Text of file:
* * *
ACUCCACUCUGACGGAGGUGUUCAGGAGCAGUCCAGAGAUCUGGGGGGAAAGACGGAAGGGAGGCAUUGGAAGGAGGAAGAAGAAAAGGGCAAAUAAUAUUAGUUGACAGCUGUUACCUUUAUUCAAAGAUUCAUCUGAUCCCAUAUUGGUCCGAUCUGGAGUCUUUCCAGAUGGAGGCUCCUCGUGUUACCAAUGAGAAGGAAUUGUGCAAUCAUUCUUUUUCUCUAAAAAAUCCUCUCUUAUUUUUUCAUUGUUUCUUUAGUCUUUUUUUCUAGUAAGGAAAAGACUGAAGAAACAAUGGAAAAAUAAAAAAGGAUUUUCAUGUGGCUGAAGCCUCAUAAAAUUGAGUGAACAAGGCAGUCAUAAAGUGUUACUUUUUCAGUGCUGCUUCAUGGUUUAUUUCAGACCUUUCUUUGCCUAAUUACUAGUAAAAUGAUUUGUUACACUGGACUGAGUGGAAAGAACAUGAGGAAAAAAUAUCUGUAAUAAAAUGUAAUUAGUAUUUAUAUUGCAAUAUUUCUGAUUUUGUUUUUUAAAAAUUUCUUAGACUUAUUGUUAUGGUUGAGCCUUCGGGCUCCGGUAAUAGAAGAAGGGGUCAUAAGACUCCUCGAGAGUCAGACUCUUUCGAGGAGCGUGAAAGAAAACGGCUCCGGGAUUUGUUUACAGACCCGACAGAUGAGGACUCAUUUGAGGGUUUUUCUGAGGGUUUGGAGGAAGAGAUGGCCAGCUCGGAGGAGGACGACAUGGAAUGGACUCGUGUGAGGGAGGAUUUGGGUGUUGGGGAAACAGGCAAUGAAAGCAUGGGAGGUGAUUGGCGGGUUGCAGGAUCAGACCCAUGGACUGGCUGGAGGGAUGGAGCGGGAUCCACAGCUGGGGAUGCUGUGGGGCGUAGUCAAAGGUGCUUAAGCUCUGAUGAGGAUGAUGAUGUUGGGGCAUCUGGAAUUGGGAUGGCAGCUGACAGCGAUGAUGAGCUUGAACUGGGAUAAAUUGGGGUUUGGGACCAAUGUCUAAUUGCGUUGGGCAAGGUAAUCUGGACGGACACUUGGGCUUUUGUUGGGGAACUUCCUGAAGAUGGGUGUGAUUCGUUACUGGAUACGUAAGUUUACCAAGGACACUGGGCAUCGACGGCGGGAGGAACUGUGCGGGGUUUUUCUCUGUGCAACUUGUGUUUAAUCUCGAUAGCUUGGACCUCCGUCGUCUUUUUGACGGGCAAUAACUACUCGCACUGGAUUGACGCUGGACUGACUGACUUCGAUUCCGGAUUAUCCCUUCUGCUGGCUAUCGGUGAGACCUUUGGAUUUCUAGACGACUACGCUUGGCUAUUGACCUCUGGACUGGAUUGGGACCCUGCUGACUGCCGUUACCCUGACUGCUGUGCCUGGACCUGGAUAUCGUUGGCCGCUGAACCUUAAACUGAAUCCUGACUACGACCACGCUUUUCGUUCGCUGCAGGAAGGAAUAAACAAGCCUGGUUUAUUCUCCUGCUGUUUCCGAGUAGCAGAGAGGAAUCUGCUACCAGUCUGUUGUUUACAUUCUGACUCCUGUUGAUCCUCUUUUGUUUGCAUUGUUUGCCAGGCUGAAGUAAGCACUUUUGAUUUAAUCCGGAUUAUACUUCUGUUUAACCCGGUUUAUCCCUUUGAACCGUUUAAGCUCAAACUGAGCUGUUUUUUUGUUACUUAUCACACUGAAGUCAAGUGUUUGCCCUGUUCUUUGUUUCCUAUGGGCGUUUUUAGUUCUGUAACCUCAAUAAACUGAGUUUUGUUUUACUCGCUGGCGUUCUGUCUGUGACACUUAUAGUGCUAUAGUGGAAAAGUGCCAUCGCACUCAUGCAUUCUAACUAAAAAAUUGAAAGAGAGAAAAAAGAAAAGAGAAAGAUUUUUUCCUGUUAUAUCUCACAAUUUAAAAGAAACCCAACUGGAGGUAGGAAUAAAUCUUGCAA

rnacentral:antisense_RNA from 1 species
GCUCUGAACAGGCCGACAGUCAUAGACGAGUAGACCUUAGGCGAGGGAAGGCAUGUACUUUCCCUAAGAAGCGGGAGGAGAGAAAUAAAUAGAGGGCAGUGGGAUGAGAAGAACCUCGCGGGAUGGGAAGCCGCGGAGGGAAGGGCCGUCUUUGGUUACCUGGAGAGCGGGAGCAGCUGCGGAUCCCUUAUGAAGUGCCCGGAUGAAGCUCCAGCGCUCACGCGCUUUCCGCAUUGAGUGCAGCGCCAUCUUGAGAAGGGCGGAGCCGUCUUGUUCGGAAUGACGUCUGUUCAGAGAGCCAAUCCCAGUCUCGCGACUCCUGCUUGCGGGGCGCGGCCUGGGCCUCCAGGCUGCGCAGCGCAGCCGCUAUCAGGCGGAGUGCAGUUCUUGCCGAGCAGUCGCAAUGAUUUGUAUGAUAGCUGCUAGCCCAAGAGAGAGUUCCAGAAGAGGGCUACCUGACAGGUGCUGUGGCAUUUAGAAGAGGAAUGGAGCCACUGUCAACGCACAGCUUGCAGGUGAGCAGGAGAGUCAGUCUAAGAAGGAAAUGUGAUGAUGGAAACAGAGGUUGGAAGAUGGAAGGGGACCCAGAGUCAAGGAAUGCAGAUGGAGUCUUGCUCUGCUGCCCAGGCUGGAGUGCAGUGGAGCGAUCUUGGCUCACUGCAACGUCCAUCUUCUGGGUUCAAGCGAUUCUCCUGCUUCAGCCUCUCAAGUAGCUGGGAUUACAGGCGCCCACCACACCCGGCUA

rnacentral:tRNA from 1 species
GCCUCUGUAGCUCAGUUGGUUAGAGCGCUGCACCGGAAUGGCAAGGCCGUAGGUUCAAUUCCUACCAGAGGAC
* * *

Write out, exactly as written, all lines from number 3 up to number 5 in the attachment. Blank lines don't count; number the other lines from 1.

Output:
GCUCUGAACAGGCCGACAGUCAUAGACGAGUAGACCUUAGGCGAGGGAAGGCAUGUACUUUCCCUAAGAAGCGGGAGGAGAGAAAUAAAUAGAGGGCAGUGGGAUGAGAAGAACCUCGCGGGAUGGGAAGCCGCGGAGGGAAGGGCCGUCUUUGGUUACCUGGAGAGCGGGAGCAGCUGCGGAUCCCUUAUGAAGUGCCCGGAUGAAGCUCCAGCGCUCACGCGCUUUCCGCAUUGAGUGCAGCGCCAUCUUGAGAAGGGCGGAGCCGUCUUGUUCGGAAUGACGUCUGUUCAGAGAGCCAAUCCCAGUCUCGCGACUCCUGCUUGCGGGGCGCGGCCUGGGCCUCCAGGCUGCGCAGCGCAGCCGCUAUCAGGCGGAGUGCAGUUCUUGCCGAGCAGUCGCAAUGAUUUGUAUGAUAGCUGCUAGCCCAAGAGAGAGUUCCAGAAGAGGGCUACCUGACAGGUGCUGUGGCAUUUAGAAGAGGAAUGGAGCCACUGUCAACGCACAGCUUGCAGGUGAGCAGGAGAGUCAGUCUAAGAAGGAAAUGUGAUGAUGGAAACAGAGGUUGGAAGAUGGAAGGGGACCCAGAGUCAAGGAAUGCAGAUGGAGUCUUGCUCUGCUGCCCAGGCUGGAGUGCAGUGGAGCGAUCUUGGCUCACUGCAACGUCCAUCUUCUGGGUUCAAGCGAUUCUCCUGCUUCAGCCUCUCAAGUAGCUGGGAUUACAGGCGCCCACCACACCCGGCUA

rnacentral:tRNA from 1 species
GCCUCUGUAGCUCAGUUGGUUAGAGCGCUGCACCGGAAUGGCAAGGCCGUAGGUUCAAUUCCUACCAGAGGAC